• Ease of use: Ease of use is a huge consideration and it’s one that developersand those who are heavily involved in the development processare often blind to. As someone who took part in most (or all) aspects of development, you’ll find it’s easy to use the app since you’re familiar with virtually every nook and cranny. However, an average Joe may find the UI lacks the intuitiveness that’s vital to the app’s success. Beta testing gives you an opportunity to observe how new users interact with the interface, gathering essential behavior flow data. This data can be used to identify areas where users are getting hung up, in addition to providing you with insight into which regions of the app may be under-utilized due to factors such as poor navigability.

Many companies are tempted to shorten or skip the beta testing process in their haste to get the app into the marketplace, but this approach can backfire dramatically. Something as simple as the wrong background color or font size could spell disaster in terms of UX. And if you shorten or skip the beta testing phase, you may discover these problems only after the app is in the hands of actual users. The result can be lots of bad reviews and negative buzz amongst bloggers and social media users.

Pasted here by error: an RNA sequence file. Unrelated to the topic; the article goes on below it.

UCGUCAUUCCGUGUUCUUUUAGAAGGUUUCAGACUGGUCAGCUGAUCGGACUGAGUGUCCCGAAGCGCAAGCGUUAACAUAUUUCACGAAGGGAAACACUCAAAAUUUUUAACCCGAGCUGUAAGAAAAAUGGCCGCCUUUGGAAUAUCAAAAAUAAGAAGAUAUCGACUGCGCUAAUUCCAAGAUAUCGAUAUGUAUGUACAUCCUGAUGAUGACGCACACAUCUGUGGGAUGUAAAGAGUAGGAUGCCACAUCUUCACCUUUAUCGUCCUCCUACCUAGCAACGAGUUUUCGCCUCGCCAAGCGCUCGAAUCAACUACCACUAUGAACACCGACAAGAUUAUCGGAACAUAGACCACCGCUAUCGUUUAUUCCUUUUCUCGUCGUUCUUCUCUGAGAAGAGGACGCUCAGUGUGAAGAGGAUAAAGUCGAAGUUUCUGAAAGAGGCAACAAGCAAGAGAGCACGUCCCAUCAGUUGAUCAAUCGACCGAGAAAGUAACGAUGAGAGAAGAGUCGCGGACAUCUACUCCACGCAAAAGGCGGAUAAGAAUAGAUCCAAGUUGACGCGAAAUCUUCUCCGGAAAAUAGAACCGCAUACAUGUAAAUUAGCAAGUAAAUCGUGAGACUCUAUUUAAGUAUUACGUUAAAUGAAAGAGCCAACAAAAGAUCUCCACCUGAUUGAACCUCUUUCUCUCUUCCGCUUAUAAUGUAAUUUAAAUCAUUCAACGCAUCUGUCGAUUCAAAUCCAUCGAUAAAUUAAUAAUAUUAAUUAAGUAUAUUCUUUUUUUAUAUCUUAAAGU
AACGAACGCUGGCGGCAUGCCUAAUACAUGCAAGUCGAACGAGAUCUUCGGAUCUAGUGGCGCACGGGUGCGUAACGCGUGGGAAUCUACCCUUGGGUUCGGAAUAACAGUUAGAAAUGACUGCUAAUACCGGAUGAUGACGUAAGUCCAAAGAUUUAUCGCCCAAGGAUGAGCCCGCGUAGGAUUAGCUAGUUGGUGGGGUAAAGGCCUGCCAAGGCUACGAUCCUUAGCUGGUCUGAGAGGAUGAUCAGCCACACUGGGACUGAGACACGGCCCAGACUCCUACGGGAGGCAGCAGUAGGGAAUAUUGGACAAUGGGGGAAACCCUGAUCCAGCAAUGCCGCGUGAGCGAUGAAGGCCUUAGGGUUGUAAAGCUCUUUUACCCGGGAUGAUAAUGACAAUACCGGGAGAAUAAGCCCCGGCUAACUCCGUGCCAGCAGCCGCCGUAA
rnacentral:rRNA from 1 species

Reversing a negative first impression can be extremely difficultif not impossibleso users who are alienated early on are essentially gone for good. You could find yourself in a situation where the app falls woefully short of its true potential, so you’re faced with the decision to settle for mediocrity or relaunch the app under a totally new brand name. Both options involve a significant financial loss.

Finding an experienced app developer is key, as this will minimize your chances of creating an app with a less-than-fabulousor downright clunkyuser interface. A top development team is well-positioned to know what will work and what’s apt to fail; this means they’re far more likely to get it right the first time.

The team at SevenTablets has extensive experience in the realm of beta testing and user interface design. In fact, these are amongst our many specialties. Our developers are also experienced in many emerging technologies, including augmented reality, predictive analytics and artificial intelligence.

Our company headquarters are located in Dallas, and SevenTablets also has regional offices in Austin and Houston. But we’re not limited to Texas, as our clients are scattered throughout the United States. If you’re ready to chat about your app concept, contact our team today.


Chase Uvodich

Chase Uvodich

Chase Uvodich is the leading UI/UX designer at SevenTablets. Chase has designed several of SevenTablets' most successful apps through his unparalleled understanding of user experience and outstanding creative direction.

Chase holds a Bachelor of Fine Arts in Graphic Design from the Savannah College of Art and Design.